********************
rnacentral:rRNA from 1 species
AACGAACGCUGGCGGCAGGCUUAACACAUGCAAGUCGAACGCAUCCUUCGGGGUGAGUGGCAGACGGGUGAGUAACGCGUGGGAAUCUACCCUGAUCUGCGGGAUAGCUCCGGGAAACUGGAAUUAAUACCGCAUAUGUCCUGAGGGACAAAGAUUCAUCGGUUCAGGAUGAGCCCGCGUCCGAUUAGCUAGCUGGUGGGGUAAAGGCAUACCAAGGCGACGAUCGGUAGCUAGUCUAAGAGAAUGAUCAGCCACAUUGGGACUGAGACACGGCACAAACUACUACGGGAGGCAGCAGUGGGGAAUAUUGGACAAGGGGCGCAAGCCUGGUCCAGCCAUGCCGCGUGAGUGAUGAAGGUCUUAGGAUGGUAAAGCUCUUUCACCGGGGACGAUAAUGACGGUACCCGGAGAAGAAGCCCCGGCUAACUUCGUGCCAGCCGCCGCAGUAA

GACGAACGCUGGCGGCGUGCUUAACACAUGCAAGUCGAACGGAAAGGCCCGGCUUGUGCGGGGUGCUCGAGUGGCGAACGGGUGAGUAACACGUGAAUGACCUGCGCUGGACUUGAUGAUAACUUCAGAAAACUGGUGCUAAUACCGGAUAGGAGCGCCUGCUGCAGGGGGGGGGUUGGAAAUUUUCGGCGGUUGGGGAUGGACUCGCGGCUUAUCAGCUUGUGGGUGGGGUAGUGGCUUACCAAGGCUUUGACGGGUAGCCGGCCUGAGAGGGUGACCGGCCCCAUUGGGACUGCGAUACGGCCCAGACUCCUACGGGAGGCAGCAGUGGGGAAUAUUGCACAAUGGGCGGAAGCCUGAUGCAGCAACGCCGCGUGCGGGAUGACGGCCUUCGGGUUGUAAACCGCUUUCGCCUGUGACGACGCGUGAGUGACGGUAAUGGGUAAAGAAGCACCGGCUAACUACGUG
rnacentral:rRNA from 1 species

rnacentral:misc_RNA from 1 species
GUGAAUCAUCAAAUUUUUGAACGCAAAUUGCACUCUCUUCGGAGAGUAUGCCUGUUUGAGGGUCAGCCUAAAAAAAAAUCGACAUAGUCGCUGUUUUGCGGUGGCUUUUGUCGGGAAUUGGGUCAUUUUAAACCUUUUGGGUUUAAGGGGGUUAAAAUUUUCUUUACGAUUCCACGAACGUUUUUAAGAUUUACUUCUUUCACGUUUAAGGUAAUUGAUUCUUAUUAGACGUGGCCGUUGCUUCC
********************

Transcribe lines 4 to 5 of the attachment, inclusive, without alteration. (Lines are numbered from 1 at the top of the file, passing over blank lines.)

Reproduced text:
rnacentral:rRNA from 1 species

rnacentral:misc_RNA from 1 species